Neither Merchants Nor Marauders
Merchants & Marauders was a great big sandbox of fun. It fully embraced the go-anywhere, do-anything joy of life as a sea captain. Did you want to quietly sail between ports, getting rich on clever trades? Fine, fine. Or did you want to make enemies of the Spanish, tackle a treasure galleon, and raid everyone down to their piratical pantaloons? Even better.
Merchants & Marauders: Broadsides is not that.
In fact, other than “boats,” Broadsides shares nothing in common with Merchants & Marauders at all. Certainly not designers. Christian Marcussen, who also created the wonderful Civilization homage Clash of Cultures, is nowhere to be seen.
This wouldn’t be a problem, of course, if Broadsides had something similarly clever up its sleeve. If it evoked Merchants & Marauders by being fresh, or by allowing any number of paths to victory, or simply by being a good game, then no harm done. Instead… well, let me give you an example.
In Broadsides — which is a strictly two-player game about a pair of ships unloading cannons in one another’s direction at close range — it’s possible to employ what are generously called “dirty tricks,” optional game-changers that let you spring unexpected surprises in the heat of battle. For the most part, there’s nothing dirty about them. For instance, maybe your captain has shown the utmost gall by installing a crow’s nest on his ship, so as to get a better view of the surrounding sea. The scallywag. Or perhaps he’s shown his true colors by hiring a ship’s surgeon or helpful powder boy. Rapscallions, all.
Since these so-called tricks are doled out at the start of a fight, perhaps informing how you’ll approach the impending flash of cannons and clatter of steel, imagine my surprise when I drew the Sea Dragon Figurehead. At first glance, it’s a perfectly good card. You’ve got a sea dragon. Scary! Perhaps your enemies will run in terror when they catch a glimpse of its unfurled tongue!
Nope. It does nothing. Literally nothing. That’s a literal literally, not a figurative literally. Basically, the card declares itself as a bragging right if you happen to win despite having wasted one of your tricks on a worthless card.
Sigh. Oh, Broadsides.
The basics of the game seem sound enough at first glance. In addition to being nicely illustrated, your ship is covered with wooden pieces representing your crew, sails, and the planks of your hull. Taking a hit means removing something, which often exposes some downside underneath. Lose too many sails, for example, and it becomes harder to evade the enemy ship’s fire; have your crew thinned out and you’ll struggle to aim your cannons.
Even better, it’s possible to send your crew clambering along the rigging to shore up your weaknesses. If your captain is left alone, scurry a few hands over to shield him. Have torn sails? Go ahead and patch ’em up. There are plenty of actions to take, most of them completed by spending the poker hands that you assemble from your own personal deck. Reloading your cannons requires a pair; firing a ship-splintering broadside demands a flush; shaking off your enemy’s cannon-sights takes a straight. And so forth.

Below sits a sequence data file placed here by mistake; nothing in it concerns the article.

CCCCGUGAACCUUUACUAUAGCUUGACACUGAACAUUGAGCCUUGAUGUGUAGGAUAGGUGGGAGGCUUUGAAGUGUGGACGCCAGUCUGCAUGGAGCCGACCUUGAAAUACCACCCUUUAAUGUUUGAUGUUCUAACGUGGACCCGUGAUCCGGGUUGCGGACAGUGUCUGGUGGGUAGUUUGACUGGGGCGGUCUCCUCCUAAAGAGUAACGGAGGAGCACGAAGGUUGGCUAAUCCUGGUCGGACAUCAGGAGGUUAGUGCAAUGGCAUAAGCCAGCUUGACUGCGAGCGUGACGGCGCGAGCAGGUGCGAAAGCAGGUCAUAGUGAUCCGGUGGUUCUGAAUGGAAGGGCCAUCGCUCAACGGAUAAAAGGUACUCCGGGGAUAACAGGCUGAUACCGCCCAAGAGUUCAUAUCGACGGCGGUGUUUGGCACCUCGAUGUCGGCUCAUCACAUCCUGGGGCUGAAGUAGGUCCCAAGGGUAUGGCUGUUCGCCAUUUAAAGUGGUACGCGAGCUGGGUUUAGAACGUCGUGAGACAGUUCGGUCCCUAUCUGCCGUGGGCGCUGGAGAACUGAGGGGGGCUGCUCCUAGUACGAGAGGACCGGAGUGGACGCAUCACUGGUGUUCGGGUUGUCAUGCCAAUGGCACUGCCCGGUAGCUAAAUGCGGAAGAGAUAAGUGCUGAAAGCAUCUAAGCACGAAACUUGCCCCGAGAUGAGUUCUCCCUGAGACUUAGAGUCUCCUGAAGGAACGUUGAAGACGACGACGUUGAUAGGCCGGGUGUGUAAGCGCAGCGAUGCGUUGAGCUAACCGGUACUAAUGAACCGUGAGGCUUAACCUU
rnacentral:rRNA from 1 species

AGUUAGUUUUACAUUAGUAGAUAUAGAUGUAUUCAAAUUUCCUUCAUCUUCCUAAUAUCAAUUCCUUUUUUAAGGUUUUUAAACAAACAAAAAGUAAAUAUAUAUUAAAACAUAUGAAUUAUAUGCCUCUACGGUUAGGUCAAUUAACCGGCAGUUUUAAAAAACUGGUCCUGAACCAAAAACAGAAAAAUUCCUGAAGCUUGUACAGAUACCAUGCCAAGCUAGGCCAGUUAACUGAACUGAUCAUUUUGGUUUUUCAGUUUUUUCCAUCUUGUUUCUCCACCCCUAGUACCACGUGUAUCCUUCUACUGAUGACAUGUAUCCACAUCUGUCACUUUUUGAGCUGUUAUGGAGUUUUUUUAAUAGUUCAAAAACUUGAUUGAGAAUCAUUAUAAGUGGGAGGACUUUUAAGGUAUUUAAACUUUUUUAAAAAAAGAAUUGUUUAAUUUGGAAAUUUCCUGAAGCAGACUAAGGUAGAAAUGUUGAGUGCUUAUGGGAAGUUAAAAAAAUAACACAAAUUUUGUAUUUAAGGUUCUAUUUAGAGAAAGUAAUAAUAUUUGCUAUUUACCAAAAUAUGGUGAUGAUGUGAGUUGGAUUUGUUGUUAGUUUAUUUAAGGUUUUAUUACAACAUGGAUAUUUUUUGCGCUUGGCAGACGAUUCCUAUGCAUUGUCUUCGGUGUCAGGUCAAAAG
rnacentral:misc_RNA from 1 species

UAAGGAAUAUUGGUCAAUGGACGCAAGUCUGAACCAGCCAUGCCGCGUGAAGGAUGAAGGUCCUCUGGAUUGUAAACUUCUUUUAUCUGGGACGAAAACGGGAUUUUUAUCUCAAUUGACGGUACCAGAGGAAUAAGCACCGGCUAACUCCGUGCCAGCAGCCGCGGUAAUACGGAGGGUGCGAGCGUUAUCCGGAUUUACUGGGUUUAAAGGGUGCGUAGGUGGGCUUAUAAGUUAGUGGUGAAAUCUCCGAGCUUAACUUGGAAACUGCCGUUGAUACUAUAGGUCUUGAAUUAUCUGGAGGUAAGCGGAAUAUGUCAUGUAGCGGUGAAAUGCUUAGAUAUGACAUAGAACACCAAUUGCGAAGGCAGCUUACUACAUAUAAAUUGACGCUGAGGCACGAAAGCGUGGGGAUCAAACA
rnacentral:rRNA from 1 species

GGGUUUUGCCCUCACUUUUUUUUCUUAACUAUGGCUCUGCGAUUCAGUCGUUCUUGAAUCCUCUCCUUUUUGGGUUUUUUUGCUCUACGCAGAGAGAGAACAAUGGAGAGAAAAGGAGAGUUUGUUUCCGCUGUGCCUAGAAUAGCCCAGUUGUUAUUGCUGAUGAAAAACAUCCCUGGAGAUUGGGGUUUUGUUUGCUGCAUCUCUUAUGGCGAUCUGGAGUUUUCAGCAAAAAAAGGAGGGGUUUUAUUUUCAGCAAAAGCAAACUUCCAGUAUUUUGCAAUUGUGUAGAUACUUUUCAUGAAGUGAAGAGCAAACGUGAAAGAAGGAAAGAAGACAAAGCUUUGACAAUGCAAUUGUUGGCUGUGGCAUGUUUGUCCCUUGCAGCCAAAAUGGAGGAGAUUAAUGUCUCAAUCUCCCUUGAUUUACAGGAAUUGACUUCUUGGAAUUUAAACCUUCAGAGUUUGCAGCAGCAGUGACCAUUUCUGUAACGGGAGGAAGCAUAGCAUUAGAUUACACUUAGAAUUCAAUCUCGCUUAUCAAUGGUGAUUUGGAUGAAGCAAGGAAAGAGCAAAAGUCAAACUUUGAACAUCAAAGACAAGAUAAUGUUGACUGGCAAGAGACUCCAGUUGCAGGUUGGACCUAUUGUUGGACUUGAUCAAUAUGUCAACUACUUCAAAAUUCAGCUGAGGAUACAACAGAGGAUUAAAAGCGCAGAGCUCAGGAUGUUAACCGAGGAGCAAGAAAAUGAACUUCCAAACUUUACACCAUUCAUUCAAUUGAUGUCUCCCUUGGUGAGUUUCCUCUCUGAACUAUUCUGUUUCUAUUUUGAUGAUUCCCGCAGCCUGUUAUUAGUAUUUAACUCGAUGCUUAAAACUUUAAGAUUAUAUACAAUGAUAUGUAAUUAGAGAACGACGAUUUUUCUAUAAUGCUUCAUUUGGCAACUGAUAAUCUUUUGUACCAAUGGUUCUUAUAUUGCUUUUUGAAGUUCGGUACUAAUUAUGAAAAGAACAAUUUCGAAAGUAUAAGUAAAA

Unfortunately, this is where Broadsides starts to rear its ugly Sea Dragon Figurehead. The method of a cannon’s resolution seems powerful at first, potentially shattering all the planks or rending every sail in a particular firing zone. But after one or two exchanges of fire, as targets become fewer in quantity, all it takes is a single dead crewman in the wrong place to ruin your chances of landing a shot. That or a breezy evasion by your enemy. In the end, most encounters come down to whichever side can draw a good enough flush to launch a game-ending broadside. For all those options, including the fact that you can win by either destroying a ship’s hull or murdering its officers, nearly every fight comes down to the luck of the draw.
Not only are your captain and all his dirty tricks drawn at random, but so too are your targeting cards and the poker cards you’ll be spending for nearly every action — including to aim. Even the shots you load into your cannons aren’t chosen via some act of clear-headed tactical consideration, but drawn from a bag. Already left your opponent’s sails in tatters? Too bad, stuff more chain-shot down that barrel.
This still might be acceptable if only Broadsides doubled down on its elements of chance. And yet it doesn’t. There’s no bluffing to employ, no wagers to raise. The randomness exists for the sake of wresting the ship’s wheel from your clenched fingers, not adding the thrill of uncertainty to the proceedings. The result isn’t merely mercurial. It’s temperamental. It’s flighty.
I’d be less blunt if Broadsides didn’t so brazenly flaunt the name of its betters in a vain attempt to attract more attention. As it stands, buyer beware: here be Sea Dragon Figureheads.
Which is too bad, because the Age of Sail makes for a wonderful setting. But in this market, it takes more than merely existing to appeal as a dedicated two-player game. Why engage in a duel of wits that doesn’t quite measure up when 13 Days is an option? Or Star Wars: Rebellion, Stronghold, Heir to the Pharaoh, Hands in the Sea, or Exceed? Why settle for less when there are plenty of games with actual room for cleverness, for trickery, for beautiful design and nails-biting moments?
The answer is that we shouldn’t. Perhaps a marooned sailor might appreciate the sight of Merchants & Marauders: Broadsides washing up on the beach. For the rest of us, it’s too much effort to even drag the waterlogged thing to the recycling bin.